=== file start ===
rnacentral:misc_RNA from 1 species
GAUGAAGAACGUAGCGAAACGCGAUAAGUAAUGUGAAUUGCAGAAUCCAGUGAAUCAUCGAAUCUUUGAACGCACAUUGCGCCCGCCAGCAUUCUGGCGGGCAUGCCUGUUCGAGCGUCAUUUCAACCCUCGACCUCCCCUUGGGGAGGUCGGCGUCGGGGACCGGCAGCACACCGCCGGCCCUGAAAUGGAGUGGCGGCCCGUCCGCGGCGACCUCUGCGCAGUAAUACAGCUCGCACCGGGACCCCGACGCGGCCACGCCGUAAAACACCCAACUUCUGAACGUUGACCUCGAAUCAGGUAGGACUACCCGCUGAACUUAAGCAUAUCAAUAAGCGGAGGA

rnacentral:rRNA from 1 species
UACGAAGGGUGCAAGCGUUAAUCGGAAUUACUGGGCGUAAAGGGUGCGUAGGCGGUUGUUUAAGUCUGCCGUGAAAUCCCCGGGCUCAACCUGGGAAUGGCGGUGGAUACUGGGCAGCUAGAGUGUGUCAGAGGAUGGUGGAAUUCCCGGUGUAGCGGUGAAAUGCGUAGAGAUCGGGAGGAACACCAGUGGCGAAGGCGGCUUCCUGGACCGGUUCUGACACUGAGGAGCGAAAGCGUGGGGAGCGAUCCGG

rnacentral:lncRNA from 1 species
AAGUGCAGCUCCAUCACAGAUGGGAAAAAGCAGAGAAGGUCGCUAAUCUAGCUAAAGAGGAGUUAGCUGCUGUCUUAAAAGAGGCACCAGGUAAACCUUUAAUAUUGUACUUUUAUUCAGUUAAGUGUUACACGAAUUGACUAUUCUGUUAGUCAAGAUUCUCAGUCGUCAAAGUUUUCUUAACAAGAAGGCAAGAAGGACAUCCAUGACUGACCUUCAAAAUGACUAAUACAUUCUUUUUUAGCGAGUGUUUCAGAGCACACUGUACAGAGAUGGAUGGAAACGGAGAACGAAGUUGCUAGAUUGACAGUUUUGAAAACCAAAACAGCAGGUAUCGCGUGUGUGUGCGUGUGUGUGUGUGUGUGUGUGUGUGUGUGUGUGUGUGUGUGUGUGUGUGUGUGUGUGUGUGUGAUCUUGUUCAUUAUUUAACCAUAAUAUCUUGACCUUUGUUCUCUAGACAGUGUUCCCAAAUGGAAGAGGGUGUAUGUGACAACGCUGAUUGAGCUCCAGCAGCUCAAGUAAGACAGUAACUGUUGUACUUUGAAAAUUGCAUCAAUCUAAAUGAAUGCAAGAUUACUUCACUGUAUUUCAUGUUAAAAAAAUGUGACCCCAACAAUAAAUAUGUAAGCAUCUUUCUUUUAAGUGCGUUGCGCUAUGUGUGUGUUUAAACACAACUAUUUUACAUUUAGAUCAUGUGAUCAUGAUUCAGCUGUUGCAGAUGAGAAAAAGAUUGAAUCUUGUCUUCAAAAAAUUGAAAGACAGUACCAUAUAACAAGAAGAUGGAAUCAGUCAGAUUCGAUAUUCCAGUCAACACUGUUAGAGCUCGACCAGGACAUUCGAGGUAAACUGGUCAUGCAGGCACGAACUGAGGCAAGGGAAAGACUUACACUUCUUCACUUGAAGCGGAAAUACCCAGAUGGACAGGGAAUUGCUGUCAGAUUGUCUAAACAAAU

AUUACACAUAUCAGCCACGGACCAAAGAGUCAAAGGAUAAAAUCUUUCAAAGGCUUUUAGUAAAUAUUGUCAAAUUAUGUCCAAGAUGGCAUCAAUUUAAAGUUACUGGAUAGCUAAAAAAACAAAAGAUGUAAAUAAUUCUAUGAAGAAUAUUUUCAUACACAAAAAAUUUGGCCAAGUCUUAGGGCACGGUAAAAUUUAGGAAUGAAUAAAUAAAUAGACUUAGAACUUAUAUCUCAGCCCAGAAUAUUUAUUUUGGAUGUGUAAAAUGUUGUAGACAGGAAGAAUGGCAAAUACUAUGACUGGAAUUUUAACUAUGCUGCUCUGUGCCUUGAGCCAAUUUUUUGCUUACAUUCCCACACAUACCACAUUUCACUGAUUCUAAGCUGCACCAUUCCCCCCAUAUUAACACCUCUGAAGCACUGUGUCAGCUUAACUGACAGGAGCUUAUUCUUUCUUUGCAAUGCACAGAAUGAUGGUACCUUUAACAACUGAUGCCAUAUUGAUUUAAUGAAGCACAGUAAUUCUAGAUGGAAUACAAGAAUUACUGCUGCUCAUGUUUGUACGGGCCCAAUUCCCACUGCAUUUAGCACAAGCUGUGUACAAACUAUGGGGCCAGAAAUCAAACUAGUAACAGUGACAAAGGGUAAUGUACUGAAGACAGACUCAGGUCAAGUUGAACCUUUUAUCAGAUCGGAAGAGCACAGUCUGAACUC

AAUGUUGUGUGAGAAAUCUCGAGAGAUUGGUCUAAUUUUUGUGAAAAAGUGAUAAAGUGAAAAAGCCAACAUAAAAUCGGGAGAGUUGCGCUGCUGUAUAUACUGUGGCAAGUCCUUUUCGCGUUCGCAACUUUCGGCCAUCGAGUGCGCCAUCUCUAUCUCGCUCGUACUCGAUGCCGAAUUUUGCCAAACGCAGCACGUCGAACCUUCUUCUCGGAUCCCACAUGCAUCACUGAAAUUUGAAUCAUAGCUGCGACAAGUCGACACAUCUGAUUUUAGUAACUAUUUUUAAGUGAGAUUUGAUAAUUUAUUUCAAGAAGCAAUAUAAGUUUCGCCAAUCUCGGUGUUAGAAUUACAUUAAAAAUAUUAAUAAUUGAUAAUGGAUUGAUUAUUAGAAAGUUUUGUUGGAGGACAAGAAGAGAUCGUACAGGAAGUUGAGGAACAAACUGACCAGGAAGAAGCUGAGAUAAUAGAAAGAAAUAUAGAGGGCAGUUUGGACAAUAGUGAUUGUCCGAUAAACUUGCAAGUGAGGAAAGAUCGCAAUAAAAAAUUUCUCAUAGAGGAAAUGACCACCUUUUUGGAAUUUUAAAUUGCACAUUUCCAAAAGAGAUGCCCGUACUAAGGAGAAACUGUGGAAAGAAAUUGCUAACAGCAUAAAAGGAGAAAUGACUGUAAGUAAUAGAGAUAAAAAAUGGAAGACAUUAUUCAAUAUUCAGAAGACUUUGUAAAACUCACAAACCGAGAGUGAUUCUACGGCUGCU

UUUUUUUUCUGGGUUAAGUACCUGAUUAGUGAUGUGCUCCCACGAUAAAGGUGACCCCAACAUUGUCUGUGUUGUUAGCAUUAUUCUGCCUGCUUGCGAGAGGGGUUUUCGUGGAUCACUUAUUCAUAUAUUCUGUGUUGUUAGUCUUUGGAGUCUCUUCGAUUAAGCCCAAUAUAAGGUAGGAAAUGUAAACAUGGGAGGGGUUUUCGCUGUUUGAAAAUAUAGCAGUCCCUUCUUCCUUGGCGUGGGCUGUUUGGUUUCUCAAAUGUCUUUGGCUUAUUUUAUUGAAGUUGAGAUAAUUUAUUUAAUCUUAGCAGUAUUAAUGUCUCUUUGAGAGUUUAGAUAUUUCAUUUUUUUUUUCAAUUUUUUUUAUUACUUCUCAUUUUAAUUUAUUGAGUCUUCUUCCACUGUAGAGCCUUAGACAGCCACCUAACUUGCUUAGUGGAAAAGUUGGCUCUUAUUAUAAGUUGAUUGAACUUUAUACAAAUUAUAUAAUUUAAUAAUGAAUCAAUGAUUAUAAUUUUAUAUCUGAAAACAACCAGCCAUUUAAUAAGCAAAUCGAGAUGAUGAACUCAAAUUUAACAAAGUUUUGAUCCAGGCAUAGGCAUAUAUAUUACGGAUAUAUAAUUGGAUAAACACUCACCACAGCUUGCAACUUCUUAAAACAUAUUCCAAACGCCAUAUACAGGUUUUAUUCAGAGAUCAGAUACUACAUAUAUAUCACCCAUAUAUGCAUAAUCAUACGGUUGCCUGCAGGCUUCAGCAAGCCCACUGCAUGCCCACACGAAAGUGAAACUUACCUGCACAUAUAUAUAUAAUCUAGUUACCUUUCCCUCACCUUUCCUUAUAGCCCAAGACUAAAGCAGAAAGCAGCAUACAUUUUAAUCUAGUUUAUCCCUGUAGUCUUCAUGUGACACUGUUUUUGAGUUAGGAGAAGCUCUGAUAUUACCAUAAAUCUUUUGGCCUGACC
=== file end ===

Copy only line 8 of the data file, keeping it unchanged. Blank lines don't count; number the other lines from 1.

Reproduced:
AAUGUUGUGUGAGAAAUCUCGAGAGAUUGGUCUAAUUUUUGUGAAAAAGUGAUAAAGUGAAAAAGCCAACAUAAAAUCGGGAGAGUUGCGCUGCUGUAUAUACUGUGGCAAGUCCUUUUCGCGUUCGCAACUUUCGGCCAUCGAGUGCGCCAUCUCUAUCUCGCUCGUACUCGAUGCCGAAUUUUGCCAAACGCAGCACGUCGAACCUUCUUCUCGGAUCCCACAUGCAUCACUGAAAUUUGAAUCAUAGCUGCGACAAGUCGACACAUCUGAUUUUAGUAACUAUUUUUAAGUGAGAUUUGAUAAUUUAUUUCAAGAAGCAAUAUAAGUUUCGCCAAUCUCGGUGUUAGAAUUACAUUAAAAAUAUUAAUAAUUGAUAAUGGAUUGAUUAUUAGAAAGUUUUGUUGGAGGACAAGAAGAGAUCGUACAGGAAGUUGAGGAACAAACUGACCAGGAAGAAGCUGAGAUAAUAGAAAGAAAUAUAGAGGGCAGUUUGGACAAUAGUGAUUGUCCGAUAAACUUGCAAGUGAGGAAAGAUCGCAAUAAAAAAUUUCUCAUAGAGGAAAUGACCACCUUUUUGGAAUUUUAAAUUGCACAUUUCCAAAAGAGAUGCCCGUACUAAGGAGAAACUGUGGAAAGAAAUUGCUAACAGCAUAAAAGGAGAAAUGACUGUAAGUAAUAGAGAUAAAAAAUGGAAGACAUUAUUCAAUAUUCAGAAGACUUUGUAAAACUCACAAACCGAGAGUGAUUCUACGGCUGCU